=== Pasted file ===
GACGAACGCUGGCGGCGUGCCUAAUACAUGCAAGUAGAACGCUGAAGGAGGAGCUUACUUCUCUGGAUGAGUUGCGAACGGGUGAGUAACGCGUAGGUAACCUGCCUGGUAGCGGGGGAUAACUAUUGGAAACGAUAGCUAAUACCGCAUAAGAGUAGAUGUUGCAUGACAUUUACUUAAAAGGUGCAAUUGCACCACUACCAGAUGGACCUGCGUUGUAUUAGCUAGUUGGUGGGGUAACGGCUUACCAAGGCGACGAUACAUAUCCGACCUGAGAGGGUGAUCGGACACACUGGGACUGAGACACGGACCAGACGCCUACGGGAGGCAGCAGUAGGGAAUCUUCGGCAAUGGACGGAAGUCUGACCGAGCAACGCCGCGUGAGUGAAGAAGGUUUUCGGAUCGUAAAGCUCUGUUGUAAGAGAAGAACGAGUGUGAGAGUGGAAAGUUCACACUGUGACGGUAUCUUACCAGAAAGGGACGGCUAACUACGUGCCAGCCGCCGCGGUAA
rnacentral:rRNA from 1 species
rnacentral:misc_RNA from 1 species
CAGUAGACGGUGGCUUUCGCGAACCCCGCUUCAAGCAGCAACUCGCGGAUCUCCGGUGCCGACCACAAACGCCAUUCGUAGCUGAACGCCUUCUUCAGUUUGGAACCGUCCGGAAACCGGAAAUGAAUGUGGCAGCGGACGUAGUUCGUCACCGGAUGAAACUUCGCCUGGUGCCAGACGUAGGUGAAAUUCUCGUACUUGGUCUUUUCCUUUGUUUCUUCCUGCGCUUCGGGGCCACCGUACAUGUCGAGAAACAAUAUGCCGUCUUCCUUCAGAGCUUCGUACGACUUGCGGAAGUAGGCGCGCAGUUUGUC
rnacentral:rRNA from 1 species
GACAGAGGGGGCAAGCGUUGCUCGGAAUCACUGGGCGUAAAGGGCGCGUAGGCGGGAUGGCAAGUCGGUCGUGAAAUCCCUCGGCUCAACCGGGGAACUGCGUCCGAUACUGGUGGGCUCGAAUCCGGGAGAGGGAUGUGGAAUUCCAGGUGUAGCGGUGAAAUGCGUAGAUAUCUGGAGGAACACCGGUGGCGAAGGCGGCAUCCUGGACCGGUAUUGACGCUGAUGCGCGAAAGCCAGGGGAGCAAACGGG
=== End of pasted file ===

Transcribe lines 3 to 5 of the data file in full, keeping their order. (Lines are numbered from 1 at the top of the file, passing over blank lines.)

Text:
rnacentral:misc_RNA from 1 species
CAGUAGACGGUGGCUUUCGCGAACCCCGCUUCAAGCAGCAACUCGCGGAUCUCCGGUGCCGACCACAAACGCCAUUCGUAGCUGAACGCCUUCUUCAGUUUGGAACCGUCCGGAAACCGGAAAUGAAUGUGGCAGCGGACGUAGUUCGUCACCGGAUGAAACUUCGCCUGGUGCCAGACGUAGGUGAAAUUCUCGUACUUGGUCUUUUCCUUUGUUUCUUCCUGCGCUUCGGGGCCACCGUACAUGUCGAGAAACAAUAUGCCGUCUUCCUUCAGAGCUUCGUACGACUUGCGGAAGUAGGCGCGCAGUUUGUC
rnacentral:rRNA from 1 species